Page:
Strategic vision and the balanced scorecard

2010

We all know the importance of context when making choices and determining priorities. The decisions that we make can be polar opposites depending on the circumstances in which alternatives are weighed. But organizations seldom consider setting a context when instituting business measurement and monitoring apparatus.

The Balanced Scorecard (BSC) is a well known and often misused management tool because it is regularly implemented without the benefit of a well articulated strategic vision in place. Without sufficient context, the archetypal BSC overstresses operational control at the cost of proficient strategy implementation.

On the other hand, a strategic vision, if developed in a story form complete with vivid details describing target markets, distribution channels and enterprise-wide transformative elements, can provide the necessary context for BSC work to flourish.

It's fascinating to observe well intending management teams struggle to institutionalize a BSC program only to discover that it provides little value without the presence of a clear strategic vision to give it context and meaning.

Certainly, measurements can be defined across all of the BSC dimensions (i.e., Financial, Customer, Operational, and Learning). However, these measurements can be impossible to cascade down and throughout the business without a strategic framework from which to weigh the choices that are made every day in the course of doing business.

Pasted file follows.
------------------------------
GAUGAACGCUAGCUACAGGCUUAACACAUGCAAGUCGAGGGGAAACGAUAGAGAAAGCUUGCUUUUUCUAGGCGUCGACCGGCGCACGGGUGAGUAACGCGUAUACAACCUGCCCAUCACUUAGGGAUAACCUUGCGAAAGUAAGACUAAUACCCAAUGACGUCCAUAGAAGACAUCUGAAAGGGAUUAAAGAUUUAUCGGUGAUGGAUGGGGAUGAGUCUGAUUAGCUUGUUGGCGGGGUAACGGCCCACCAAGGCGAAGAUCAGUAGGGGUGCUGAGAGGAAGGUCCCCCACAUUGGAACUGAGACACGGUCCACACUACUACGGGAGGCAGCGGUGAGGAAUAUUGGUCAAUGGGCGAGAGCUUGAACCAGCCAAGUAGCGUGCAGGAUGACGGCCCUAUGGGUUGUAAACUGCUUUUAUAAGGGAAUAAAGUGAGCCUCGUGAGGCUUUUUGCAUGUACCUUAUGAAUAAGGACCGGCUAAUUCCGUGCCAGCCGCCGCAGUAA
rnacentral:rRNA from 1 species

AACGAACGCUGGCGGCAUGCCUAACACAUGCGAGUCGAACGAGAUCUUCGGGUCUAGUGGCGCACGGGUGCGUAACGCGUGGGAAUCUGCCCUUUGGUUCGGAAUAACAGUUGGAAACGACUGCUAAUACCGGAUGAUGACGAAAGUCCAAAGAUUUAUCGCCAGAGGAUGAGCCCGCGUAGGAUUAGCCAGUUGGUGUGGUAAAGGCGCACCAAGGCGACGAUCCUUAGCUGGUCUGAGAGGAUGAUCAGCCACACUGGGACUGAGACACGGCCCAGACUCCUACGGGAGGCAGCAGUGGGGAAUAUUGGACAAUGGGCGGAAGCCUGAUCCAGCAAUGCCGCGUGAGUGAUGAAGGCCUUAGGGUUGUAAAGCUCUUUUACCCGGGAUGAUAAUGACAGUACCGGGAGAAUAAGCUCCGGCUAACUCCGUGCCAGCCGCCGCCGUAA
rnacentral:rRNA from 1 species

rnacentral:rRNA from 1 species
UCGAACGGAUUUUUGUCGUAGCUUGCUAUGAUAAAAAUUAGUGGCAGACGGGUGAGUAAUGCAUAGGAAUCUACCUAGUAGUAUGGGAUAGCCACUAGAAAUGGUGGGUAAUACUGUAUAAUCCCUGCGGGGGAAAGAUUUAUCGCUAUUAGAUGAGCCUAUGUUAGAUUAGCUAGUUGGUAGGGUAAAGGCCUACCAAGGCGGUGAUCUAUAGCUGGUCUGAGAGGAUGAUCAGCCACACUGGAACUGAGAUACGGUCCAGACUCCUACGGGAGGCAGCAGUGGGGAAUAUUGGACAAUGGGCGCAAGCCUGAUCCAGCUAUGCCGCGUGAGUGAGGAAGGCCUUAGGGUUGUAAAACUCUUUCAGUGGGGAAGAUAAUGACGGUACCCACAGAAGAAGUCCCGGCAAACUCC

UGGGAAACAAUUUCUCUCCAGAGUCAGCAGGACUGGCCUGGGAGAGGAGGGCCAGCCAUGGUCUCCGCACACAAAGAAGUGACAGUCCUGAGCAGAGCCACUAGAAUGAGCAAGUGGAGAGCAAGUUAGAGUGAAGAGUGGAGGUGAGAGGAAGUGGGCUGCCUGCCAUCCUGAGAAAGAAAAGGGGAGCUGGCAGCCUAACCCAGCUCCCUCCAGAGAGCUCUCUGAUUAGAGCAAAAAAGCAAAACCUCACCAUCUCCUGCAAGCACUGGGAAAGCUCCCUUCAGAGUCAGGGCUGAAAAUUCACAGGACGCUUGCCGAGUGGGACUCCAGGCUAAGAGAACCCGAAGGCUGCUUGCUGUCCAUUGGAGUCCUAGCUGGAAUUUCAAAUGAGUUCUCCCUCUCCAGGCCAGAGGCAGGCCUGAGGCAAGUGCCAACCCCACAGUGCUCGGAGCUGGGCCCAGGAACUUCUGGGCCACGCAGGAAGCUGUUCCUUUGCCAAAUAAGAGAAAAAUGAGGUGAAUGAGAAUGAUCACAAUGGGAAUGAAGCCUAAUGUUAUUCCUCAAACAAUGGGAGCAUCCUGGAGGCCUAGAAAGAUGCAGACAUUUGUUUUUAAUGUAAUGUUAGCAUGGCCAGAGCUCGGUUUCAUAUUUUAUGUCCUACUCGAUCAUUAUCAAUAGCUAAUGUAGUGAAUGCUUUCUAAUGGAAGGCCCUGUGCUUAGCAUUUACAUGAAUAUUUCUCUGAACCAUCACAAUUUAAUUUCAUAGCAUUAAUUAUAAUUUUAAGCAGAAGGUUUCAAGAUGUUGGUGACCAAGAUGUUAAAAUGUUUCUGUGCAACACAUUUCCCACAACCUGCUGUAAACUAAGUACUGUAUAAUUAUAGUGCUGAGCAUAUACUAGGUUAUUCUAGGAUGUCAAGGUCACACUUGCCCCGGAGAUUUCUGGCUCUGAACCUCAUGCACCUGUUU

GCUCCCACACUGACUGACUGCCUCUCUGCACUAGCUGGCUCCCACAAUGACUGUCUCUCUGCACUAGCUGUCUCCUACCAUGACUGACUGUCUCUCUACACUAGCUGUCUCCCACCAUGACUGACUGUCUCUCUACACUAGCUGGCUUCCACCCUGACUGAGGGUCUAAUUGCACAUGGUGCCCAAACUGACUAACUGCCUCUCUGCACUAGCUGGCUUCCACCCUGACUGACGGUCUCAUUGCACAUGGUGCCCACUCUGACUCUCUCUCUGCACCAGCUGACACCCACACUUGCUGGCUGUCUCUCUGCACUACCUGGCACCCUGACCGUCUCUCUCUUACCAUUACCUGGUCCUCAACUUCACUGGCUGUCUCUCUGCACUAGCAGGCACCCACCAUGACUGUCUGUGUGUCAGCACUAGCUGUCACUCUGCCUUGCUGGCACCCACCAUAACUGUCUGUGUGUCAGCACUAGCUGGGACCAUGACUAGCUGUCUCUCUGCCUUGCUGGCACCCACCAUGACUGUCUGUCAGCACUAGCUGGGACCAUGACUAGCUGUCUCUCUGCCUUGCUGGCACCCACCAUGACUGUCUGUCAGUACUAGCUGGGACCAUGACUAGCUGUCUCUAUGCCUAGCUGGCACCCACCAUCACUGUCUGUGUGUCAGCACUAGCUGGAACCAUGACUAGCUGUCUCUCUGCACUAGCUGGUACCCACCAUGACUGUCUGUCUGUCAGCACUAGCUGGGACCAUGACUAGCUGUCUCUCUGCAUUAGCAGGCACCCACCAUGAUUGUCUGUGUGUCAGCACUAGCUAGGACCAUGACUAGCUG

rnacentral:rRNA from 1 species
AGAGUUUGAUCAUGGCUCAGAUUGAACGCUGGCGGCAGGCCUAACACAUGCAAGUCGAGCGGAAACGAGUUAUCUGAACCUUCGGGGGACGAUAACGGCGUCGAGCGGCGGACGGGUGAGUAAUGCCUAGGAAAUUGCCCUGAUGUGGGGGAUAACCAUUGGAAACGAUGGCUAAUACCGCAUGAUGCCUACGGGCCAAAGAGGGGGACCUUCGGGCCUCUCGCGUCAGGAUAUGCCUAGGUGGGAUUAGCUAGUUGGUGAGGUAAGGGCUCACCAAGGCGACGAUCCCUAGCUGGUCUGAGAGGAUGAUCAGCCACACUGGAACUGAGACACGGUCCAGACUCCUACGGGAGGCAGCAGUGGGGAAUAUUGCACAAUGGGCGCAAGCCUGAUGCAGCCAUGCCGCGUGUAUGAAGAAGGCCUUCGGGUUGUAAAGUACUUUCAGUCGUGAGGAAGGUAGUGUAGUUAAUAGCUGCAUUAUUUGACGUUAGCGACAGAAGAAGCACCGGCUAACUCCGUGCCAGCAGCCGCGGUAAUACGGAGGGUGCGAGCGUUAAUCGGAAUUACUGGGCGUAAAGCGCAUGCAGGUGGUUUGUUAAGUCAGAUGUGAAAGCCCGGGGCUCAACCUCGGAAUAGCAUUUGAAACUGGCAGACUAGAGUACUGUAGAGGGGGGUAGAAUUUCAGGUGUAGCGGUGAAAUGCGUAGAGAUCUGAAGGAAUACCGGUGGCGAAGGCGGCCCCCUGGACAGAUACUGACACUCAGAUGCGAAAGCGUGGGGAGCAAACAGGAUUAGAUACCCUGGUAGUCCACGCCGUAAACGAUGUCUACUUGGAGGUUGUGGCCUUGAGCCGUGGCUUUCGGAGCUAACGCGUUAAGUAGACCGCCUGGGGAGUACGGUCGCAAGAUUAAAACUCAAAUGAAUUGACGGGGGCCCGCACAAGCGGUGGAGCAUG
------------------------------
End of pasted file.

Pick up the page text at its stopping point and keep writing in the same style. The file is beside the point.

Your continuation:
Stated another way, "Without the necessary context to set direction and to guide decision-making, how can we be sure that what we're doing (and for that matter, measuring) are the 'right' things for our business?"

At the risk of stating the obvious, with a Vision Story in place at the beginning of the BSC design process, it is much easier to select strategic actions and objectives to support the achievement of the Vision.

Similarly, associated measures and targets can then be selected to track the achievement of these strategic objectives. Further, by working from a Vision Story, BSC consensus (among the management team) can be achieved more quickly than without one (i.e., because consensus on the vision already exists).

So, a vision story should be considered a vital building block of any BSC program.

Constructing a Spellbinding Vision
In some of my previous articles, published here, I proffered that a rock-solid Strategic Vision is not a simple slogan that can be printed on a business card (as so many are these days), but, rather it should be developed as story framed by the long-term financial goals and containing adequate coverage of such organizational characteristics as target:

Management Style
Customer Demographics
Growth Strategies
Service Delivery
Brand Value
Operating Model
Flexible Workforce
Communication Infrastructure (Internal / External)
Diversity & Inclusion

Leadership Models
Product/Service Sets
Product Distribution
New Business Partnerships
Organizational Structure
Process Transformation
Performance Metrics
Project Portfolios (Work Management Structures)
Governance Frameworks

Once the vision is defined, time must be dedicated to raising awareness of its content among staff and management, alike. An entire employee engagement and Vision Socialization effort should quickly follow the publication of the story. Town hall meetings, company pep rallies and all hands strategy offsite sessions are part of the socialization effort.

Building a Vision-Driven Balanced Scorecard